But it's not nearly as terrible as what Olivier is up to. Olivier is more consistent than Peck; consistently outrageous and unbelieveable, at least. He's glommed on to a German-Jewish accent that makes him sound more like the bad guy from a WWII-era Bugs Bunny cartoon, turning every "S" in sight into a shrill, hissing "Z", and pitch every last beat of his performance, from the line readings to the reaction shots, to the back row of a theater. And not a 20th Century theater. A 19th Century music hall where they play only the most florid mellerdrammers. It bears noticing that Lieberman comes right in the middle between Olivier's role as an ex-Nazi in Marathon Man and his weeping rabbi father in the Neil Diamond version of The Jazz Singer, and he is far, far close to the broad "I! Haff! No! Son!" excesses of the latter than his relatively constrained, clipped performance in the former. The accent is the most obviously objectionable part of Olivier's performance, along with his big hammy cadences - for example, he is able to take a genuinely excellent line of dialogue, like "Mr. Kohler, it may be a blinding revelation to you that there are Nazis in Paraguay, but I assure you, it is no news to me. And if you stay there much longer, there will still be Nazis in Paraguay, but there will be one less Jewish boy in the world", and turn it into a bit of nonsensical, sing-songy cartoon poetry. "Mister Koh-lahr, it may be a BLINDink revvelazhun to hyu..." But even so, I think it's what Olivier is doing with his eyes that annoys me the most: rolling them around with such intensity that it's a shock his whole head doesn't fall off, managing to flutter his eyelids in profound annoyance whenever anybody does anything. It is pure unbridled bullshit shtick, and in a film that knew what to do with it, could even be a genius bit of camp; but The Boys from Brazil is more or less defined by its disinterest in camp at any level. At any rate, I would not care to go around making statements like "the worst performance ever nominated for an Academy Award" without having very methodically considered and reconsidered every one in every category. But I will say at least that Olivier in The Boys from Brazil passes the smell test on that claim.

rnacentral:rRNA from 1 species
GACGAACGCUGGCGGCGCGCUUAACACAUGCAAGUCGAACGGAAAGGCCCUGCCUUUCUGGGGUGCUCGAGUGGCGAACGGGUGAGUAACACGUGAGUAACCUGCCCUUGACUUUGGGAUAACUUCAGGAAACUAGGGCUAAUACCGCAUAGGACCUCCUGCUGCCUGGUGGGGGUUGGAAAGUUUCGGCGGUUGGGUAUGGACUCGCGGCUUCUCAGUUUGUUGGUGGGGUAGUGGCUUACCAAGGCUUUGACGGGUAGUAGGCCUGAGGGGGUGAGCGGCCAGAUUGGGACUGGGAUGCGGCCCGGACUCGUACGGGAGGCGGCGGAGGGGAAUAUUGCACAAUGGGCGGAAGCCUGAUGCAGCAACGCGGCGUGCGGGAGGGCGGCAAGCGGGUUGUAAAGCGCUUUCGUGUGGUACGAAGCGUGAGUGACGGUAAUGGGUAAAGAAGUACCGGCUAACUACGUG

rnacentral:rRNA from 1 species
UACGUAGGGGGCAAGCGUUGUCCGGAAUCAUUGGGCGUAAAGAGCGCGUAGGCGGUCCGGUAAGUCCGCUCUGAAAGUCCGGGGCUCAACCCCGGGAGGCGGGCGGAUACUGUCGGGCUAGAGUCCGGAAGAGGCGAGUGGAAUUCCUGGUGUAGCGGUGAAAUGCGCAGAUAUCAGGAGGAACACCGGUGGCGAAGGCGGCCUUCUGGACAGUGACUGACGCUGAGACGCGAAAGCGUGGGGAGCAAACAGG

It really is almost entirely down to Olivier and Peck that the film doesn't work. It wants to be more trashy, sure, and it's way too easy to get in front of the twist, especially given how teenage non-actor Jeremy Black (playing all of the various arrogant prick clones we see, to limited distinction) has been given a Hitler-ish haircut with just a Superman spit curl to keep it from being immediately noticeable. And 124 minutes is not short for this plot. But still, it's interesting. There could be something here, with Schaffner's plain, clean directing, and Goldsmith's wonderful main theme, a waltz that's just a little bit out of time and key, to the effect that it feels frenzied and threatening rather than elegant and lively. But the two main actors, one or the other of whom is in nearly every single scene (they only share one the screen once, in a very unpersuasive fight scene), do far too much to butcher any tone the film is ever able to come up with. The result is a film too dopey and campy to be taken seriously, too mordant and sober to be much fun, and too ludicrous and melodramatic to be at all defensible as a social commentary - a perfect storm of a movie shooting itself in the foot at every turn.